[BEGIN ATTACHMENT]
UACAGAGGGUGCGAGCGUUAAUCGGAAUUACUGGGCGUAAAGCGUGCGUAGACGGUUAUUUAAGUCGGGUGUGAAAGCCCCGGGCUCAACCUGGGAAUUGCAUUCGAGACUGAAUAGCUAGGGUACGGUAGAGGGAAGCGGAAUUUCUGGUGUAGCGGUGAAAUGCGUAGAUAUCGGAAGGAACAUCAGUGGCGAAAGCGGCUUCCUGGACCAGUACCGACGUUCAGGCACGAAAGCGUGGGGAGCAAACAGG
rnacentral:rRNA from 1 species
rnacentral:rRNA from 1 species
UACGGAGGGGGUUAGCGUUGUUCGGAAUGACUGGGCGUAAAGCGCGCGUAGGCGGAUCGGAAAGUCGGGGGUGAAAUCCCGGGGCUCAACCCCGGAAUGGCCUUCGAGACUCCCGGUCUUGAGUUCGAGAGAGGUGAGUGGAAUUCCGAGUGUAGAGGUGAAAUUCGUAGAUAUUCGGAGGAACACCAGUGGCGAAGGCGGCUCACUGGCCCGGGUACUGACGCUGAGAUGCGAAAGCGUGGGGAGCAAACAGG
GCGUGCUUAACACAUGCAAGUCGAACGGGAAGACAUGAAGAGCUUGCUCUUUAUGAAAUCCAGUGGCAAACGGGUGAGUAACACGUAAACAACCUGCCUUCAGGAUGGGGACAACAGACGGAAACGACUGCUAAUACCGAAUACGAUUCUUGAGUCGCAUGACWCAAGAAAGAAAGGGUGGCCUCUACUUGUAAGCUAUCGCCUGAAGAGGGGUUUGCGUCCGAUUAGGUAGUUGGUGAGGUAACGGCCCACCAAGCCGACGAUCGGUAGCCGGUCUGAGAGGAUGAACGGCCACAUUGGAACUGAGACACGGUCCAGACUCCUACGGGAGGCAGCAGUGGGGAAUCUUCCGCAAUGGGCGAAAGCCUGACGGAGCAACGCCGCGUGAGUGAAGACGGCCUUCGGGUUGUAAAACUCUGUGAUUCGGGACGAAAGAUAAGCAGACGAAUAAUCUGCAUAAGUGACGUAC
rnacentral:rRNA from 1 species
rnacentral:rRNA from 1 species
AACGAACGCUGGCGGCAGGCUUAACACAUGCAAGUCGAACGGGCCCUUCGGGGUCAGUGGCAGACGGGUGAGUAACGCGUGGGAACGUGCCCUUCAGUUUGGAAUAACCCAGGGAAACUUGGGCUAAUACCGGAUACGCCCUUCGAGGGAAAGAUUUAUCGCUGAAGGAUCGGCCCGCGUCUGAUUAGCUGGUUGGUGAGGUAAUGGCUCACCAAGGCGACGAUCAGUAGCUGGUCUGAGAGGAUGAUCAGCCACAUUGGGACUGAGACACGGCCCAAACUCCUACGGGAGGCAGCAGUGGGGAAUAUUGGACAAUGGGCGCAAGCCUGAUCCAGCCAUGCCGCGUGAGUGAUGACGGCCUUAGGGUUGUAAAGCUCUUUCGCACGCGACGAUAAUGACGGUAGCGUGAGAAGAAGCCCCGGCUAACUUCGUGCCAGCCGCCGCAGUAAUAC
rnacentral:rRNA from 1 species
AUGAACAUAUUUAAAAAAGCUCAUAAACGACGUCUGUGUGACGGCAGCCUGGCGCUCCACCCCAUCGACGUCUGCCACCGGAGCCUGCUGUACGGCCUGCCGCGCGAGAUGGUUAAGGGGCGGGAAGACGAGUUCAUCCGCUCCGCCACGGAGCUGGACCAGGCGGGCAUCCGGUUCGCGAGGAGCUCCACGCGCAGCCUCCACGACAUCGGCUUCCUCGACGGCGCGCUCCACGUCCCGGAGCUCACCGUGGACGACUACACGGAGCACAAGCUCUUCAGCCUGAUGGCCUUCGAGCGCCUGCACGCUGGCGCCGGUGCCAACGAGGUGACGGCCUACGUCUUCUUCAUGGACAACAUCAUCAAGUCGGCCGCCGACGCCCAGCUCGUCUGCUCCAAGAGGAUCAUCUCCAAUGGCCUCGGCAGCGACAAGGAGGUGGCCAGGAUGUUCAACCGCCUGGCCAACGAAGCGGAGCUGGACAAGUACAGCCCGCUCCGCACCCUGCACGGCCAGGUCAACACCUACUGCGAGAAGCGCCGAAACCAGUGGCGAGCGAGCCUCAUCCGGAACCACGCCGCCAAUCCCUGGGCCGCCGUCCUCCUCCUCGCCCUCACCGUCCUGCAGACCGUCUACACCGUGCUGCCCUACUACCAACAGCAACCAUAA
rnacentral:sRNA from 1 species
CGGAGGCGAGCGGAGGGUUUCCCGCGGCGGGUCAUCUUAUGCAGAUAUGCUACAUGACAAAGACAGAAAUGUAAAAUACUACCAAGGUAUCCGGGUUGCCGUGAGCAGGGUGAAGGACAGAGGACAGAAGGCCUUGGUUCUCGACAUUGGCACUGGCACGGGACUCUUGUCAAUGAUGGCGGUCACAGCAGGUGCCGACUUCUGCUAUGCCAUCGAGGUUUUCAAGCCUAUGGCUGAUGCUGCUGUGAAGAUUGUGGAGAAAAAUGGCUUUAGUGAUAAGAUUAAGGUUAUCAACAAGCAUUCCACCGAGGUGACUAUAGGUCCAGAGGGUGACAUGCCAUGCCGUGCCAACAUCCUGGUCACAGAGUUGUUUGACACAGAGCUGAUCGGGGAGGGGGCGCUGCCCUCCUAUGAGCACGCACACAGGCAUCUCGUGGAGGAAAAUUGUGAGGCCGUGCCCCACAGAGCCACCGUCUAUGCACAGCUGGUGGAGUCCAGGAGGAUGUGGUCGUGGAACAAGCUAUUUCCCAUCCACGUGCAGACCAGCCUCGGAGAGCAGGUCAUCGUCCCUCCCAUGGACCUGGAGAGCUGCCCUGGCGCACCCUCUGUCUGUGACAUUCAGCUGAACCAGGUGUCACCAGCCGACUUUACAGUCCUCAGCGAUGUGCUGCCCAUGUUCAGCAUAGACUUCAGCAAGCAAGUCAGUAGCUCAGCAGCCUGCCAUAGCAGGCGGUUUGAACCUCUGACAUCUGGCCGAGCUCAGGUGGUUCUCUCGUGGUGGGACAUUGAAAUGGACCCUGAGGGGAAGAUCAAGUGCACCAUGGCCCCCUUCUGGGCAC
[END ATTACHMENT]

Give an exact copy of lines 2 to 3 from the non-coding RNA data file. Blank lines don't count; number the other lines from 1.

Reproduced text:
rnacentral:rRNA from 1 species
rnacentral:rRNA from 1 species